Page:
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What is that smell!?!?!?

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( 4 Votes )

Ahhh…. The time has finally arrived to taste the magical elixir you have been pouring your heart and soul into. You draw some wine from the carboy and drain it into a glass. You carefully swirl the wine in the glass to release the bouquet, anticipating the magical aromas and flavors to come. You tilt the glass and inhale the beautiful aroma… cough, cough, what the!?!? You jerk back from the glass frantically trying to get the awful smell out of your nose. Not quite what you expected. Unfortunately, it has happened to all of us at some point.

Here are some common problems experienced in winemaking and a few suggestions on how to correct or better yet, prevent them. No matter how easy the cure sounds, remember an ounce of cure is worth a pound of prevention. So rather than counting on the cures to help you out, it’s always best to prevent the problems to begin with.



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Last Updated on Tuesday, 12 April 2011 20:30 Read more...
 

Question of the Week: How Can I Increase The Alcohol Content?

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I received an email the other day asking what kind of sugar was needed to increase the alcohol content of a typical wine to 13 or 14% and I thought this would make a great blog post!

So if you’re interested in learning how you can increase the alcohol content of your wine read on!

What you’ll want to use is corn sugar, which you can buy from your local wine making supply shop.

Incidentally - if you’re into making your own beer you can use it also to carbonate your beer in the bottle (so it has multiple uses).

To increase your alcohol level you typically would do this as part of the primary fermentation and it is called “chaptalization” and is a common practice when making port or other fortified wines to increase the alcohol content.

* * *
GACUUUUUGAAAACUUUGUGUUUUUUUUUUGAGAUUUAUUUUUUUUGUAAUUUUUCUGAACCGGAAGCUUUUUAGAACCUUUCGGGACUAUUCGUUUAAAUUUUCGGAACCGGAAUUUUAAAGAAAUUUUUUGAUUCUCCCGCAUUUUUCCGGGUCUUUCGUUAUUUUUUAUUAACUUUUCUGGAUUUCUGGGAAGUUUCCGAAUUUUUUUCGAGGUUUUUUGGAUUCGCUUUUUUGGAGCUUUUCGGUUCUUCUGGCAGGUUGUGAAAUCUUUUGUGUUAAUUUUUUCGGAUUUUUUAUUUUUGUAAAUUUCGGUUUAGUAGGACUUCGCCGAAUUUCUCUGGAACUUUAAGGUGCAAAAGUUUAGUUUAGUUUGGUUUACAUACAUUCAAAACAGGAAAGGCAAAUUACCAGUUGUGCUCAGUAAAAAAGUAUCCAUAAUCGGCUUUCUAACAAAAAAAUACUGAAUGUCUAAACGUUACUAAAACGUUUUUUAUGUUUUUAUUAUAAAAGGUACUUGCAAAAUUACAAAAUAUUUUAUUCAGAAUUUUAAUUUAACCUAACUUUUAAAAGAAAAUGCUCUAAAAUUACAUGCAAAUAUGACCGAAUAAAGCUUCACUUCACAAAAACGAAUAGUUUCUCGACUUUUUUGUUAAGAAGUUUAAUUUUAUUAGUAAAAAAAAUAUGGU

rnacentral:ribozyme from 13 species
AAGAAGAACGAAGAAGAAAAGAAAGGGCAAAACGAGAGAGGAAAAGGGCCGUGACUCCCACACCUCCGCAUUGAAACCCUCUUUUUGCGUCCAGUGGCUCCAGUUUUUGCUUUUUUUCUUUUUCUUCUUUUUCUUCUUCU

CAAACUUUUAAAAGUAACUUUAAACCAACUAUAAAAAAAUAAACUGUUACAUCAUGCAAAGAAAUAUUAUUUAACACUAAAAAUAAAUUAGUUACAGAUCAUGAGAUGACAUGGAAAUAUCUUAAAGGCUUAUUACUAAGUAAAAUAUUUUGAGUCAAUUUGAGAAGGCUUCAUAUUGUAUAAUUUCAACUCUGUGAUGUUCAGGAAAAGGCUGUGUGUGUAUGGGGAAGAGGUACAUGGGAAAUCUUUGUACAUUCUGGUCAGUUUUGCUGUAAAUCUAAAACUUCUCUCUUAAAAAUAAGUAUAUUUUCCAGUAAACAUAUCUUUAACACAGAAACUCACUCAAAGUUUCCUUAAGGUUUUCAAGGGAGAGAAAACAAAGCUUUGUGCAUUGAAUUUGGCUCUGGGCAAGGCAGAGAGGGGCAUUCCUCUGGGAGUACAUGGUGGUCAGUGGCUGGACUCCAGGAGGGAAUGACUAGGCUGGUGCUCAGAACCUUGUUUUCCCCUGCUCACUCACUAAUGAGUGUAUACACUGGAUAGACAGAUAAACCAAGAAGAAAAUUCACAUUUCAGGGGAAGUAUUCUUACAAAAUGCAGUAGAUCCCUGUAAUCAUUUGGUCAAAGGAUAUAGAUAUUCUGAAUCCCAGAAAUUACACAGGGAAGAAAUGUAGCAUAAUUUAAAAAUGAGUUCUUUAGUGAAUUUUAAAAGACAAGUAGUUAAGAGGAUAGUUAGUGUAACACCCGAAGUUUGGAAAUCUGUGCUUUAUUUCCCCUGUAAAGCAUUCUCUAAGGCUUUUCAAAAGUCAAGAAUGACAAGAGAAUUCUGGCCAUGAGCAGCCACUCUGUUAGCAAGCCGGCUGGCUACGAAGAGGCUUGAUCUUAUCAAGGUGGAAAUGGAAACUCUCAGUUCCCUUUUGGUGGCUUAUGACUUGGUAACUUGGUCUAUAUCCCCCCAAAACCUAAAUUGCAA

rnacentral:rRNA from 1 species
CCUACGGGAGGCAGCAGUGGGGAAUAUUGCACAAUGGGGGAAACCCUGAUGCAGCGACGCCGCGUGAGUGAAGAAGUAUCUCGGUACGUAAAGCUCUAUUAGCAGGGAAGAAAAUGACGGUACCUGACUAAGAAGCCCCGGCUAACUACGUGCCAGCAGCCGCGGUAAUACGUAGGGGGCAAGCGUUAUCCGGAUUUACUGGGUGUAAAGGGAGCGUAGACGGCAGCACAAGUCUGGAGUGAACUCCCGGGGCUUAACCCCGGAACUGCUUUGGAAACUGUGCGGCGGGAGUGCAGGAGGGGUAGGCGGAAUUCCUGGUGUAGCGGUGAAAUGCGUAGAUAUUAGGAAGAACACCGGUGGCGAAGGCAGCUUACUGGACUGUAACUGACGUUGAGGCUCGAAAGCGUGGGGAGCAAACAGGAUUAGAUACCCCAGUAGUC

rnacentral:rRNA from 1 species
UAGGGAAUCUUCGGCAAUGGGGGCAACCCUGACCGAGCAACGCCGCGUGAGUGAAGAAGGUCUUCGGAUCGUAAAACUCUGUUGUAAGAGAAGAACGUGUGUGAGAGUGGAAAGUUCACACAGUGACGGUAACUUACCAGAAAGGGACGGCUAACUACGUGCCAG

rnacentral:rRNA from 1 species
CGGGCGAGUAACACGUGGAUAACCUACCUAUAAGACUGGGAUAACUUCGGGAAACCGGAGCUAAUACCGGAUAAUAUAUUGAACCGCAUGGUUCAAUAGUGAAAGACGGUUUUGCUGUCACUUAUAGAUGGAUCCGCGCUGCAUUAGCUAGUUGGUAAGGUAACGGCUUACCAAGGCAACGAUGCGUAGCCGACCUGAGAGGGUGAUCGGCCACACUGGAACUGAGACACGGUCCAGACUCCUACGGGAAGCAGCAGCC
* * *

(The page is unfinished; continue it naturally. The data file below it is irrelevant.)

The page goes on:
Basically you let your primary fermentation happen and once the S.G. reduces to the point when you would rack to your secondary you add the sugar to your wine must (in the primary) so that you can reenergize the yeast to produce more alcohol (typically adds another 3 or 4 %).

So in essence you are doing your primary fermentation twice before you transfer your wine must to your secondary.

I followed this procedure when I made a chocolate raspberry port kit from Winexpert and I can tell you it definitely works.

To help you all further I tracked down some online instructions from Winexpert for one of their port kits  and this should point you in the right direction if you wanted to give it a try.

Wineexpert Downloadable Wine Kit Instructions:

Try it and let me know how it goes!

- Scott “The Wine Making Guy”

P.S.  To find out how you can easily calculate the alcohol of your wine read “Easiest Way To Calculate The Alcohol Content Of Your Wine

P.S.S. He was also curious if the extra alcohol affected the taste and if so how. Would love to hear your comments on this!


Source: All Winemaking


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Bungs, Stoppers Closures - Say What?

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Regardless of what you call them bungs, stoppers or closures - you need them. They aren#8217;t usually given any attention, but where would wine making be without them? For one thing, if you didn#8217;t have one where would you put your airlock? Seriously, these items are important. They work in conjunction with air locks to [...]img src="http://feeds2.feedburner.com/~r/VintnersCircle/~4/jBDJvUOdATE" height="1" width="1"/
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Better-Bottle PET Carboys - How Do They Compare?

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We all agree that carboys are a vital part of your wine making equipment. First, it is important to answer the question, #8220;What is a Better-Bottle® carboy and why is it different from what I see at the water cooler?#8221; As the Better-Bottle® website tells us Better Bottle carboys are made of special polyethylene terephthalate [...]img src="http://feeds2.feedburner.com/~r/VintnersCircle/~4/2OqFRwqg_5k" height="1" width="1"/
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Carboys - Everyone Needs A Couple

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A carboy is the container used most during wine making. They come in various sizes, but are most common in 3 gallon, 5 gallon and 6 gallon. Carboys have a narrow neck with a small opening at the top for a stopper and an airlock. Carboys are primarily made of glass or PET plastic, commonly [...]img src="http://feeds2.feedburner.com/~r/VintnersCircle/~4/AlSWNPAtCEM" height="1" width="1"/
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